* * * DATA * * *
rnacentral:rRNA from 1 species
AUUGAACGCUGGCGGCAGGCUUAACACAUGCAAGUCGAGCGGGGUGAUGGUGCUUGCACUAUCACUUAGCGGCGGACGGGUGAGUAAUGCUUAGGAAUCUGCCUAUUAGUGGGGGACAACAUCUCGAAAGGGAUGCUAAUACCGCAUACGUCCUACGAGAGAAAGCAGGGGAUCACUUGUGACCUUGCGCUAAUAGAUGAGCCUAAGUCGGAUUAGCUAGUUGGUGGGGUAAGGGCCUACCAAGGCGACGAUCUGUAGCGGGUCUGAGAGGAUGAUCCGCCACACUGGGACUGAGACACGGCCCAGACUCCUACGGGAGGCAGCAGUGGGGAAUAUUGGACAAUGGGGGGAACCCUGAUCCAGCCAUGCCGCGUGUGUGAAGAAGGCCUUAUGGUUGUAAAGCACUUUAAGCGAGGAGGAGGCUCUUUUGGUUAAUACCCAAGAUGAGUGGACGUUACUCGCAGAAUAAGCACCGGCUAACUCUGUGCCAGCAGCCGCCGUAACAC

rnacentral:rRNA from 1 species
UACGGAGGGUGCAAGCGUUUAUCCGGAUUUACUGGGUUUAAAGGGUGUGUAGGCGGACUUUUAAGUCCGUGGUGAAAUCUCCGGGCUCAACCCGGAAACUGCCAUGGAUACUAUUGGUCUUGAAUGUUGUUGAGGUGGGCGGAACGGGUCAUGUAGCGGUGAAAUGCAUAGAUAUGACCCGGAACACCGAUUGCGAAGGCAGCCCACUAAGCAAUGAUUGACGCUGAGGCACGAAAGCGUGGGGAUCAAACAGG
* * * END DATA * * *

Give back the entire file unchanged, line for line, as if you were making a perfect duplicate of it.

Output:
rnacentral:rRNA from 1 species
AUUGAACGCUGGCGGCAGGCUUAACACAUGCAAGUCGAGCGGGGUGAUGGUGCUUGCACUAUCACUUAGCGGCGGACGGGUGAGUAAUGCUUAGGAAUCUGCCUAUUAGUGGGGGACAACAUCUCGAAAGGGAUGCUAAUACCGCAUACGUCCUACGAGAGAAAGCAGGGGAUCACUUGUGACCUUGCGCUAAUAGAUGAGCCUAAGUCGGAUUAGCUAGUUGGUGGGGUAAGGGCCUACCAAGGCGACGAUCUGUAGCGGGUCUGAGAGGAUGAUCCGCCACACUGGGACUGAGACACGGCCCAGACUCCUACGGGAGGCAGCAGUGGGGAAUAUUGGACAAUGGGGGGAACCCUGAUCCAGCCAUGCCGCGUGUGUGAAGAAGGCCUUAUGGUUGUAAAGCACUUUAAGCGAGGAGGAGGCUCUUUUGGUUAAUACCCAAGAUGAGUGGACGUUACUCGCAGAAUAAGCACCGGCUAACUCUGUGCCAGCAGCCGCCGUAACAC

rnacentral:rRNA from 1 species
UACGGAGGGUGCAAGCGUUUAUCCGGAUUUACUGGGUUUAAAGGGUGUGUAGGCGGACUUUUAAGUCCGUGGUGAAAUCUCCGGGCUCAACCCGGAAACUGCCAUGGAUACUAUUGGUCUUGAAUGUUGUUGAGGUGGGCGGAACGGGUCAUGUAGCGGUGAAAUGCAUAGAUAUGACCCGGAACACCGAUUGCGAAGGCAGCCCACUAAGCAAUGAUUGACGCUGAGGCACGAAAGCGUGGGGAUCAAACAGG